Therefore, if you or someone you know is expecting surgery soon, it might be worth compiling a playlist of soothing music beforehand that they can listen to to help reduce feelings of stress and anxiety.

9. Music can reduce pain

“One good thing about music - when it hits you, you feel no pain”

Bob Marley

Around 15.5 million people suffer with chronic pain in the UK, which is characterised by a severe and persistent pain that continues for longer than 12 weeks – despite treatment and medication.

While various techniques and medicines are provided on a daily basis to help treat chronic pain, it’s possible that there’s also a place for music.

Research has shown that music therapy and pre-recorded music reduced pain more than standard treatments in cancer patients. It’s also been shown to reduce pain in intensive care and geriatric care patients. However, the music had to be either classical, meditative, or songs that the patient had chosen themselves.

10. Music can help Alzheimer’s patients to remember

Music has been shown to have an extraordinary effect on Alzheimer’s patients. As described by the University of California, this is because music is capable of affecting so many areas of the brain that it can sometimes stimulate pathways which are still healthy and working in Alzheimer’s patients.

Charity Music & Memory helps people with Alzheimer’s Disease and other age-related dementias to regain their memories by listening to their favourite songs. The result is often an astounding ‘awakening’.

To get an idea of the extraordinary effects that music can have on Alzheimer patients, have a watch of Music & Memory’s video. It shows Henry – a wheelchair-bound dementia sufferer who was unable to communicate – begin to sing Cab Calloway songs and joyfully reminisce about his life when he listens to music from his era.

11. Learning music can boost IQ and academic ability

Being able to play a musical instrument is a wonderful skill to have. Not only does it offer a sense of purpose and accomplishment, but it also brings a host of health benefits and can improve your social circle too.

Research has shown that taking part in music lessons is linked with higher academic performance and IQ in young children. However, it’s not just young children who can reap the benefits of learning a musical instrument.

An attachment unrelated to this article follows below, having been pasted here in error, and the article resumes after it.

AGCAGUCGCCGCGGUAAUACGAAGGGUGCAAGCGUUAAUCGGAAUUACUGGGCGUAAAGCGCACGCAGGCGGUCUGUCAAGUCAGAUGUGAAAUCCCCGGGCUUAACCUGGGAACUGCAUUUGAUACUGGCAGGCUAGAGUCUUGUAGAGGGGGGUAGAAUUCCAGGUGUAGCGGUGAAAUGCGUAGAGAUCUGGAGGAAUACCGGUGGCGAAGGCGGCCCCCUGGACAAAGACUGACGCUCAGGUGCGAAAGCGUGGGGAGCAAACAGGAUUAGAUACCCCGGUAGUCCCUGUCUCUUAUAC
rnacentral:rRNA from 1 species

Other studies have found that adult women who were musically trained outperformed those without music training on verbal memory tests.

If you’re seeking ways to boost your IQ and academic performance, or would simply like to learn a new skill, why start learning a musical instrument today? For information on how to get started, you might find our article 7 of the easiest musical instruments for adults to learn useful.

12. Music can help to keep the brain healthy in later life

Researchers at John Hopkins Medicine have said that since few things stimulate the brain in the way that music does, listening to or playing music is a great tool for keeping the mind sharp during the ageing process.

For example, one study involving healthy older adults found that those who had ten or more years of musical experience performed better on cognitive tests than those who had less or no music experience at all.

The reason behind this is that since learning to play an instrument can take time (sometimes years of practice) the process can create new connections within the brain, which might compensate for cognitive decline as people age.

Interestingly, methods like listening to music that your children or grandchildren listen to can also be especially effective. This is because new music challenges the brain in a way that familiar music doesn’t. So while you might not enjoy the music at first, the unfamiliarity will be forcing your brain to understand the new sounds.

Final thoughts…

Plato was right when he said, “Music and rhythm find their way into secret places of the soul.” From helping people reduce their stress and anxiety, through to rekindling forgotten memories and enhancing sports performance, music generally makes life brighter.

So why not start bringing more music into your life today? For inspiration on how to get started, check out our articles How to get involved with music from home, 10 of the best Spotify playlists for every mood, and 7 of the easiest musical instruments for adults to learn.

In what ways do you benefit from music? Have you tried anything new recently that’s music-related? We’d love to hear about your experiences. Joint the conversation on the music section of the Rest Less community forum, or leave a comment below.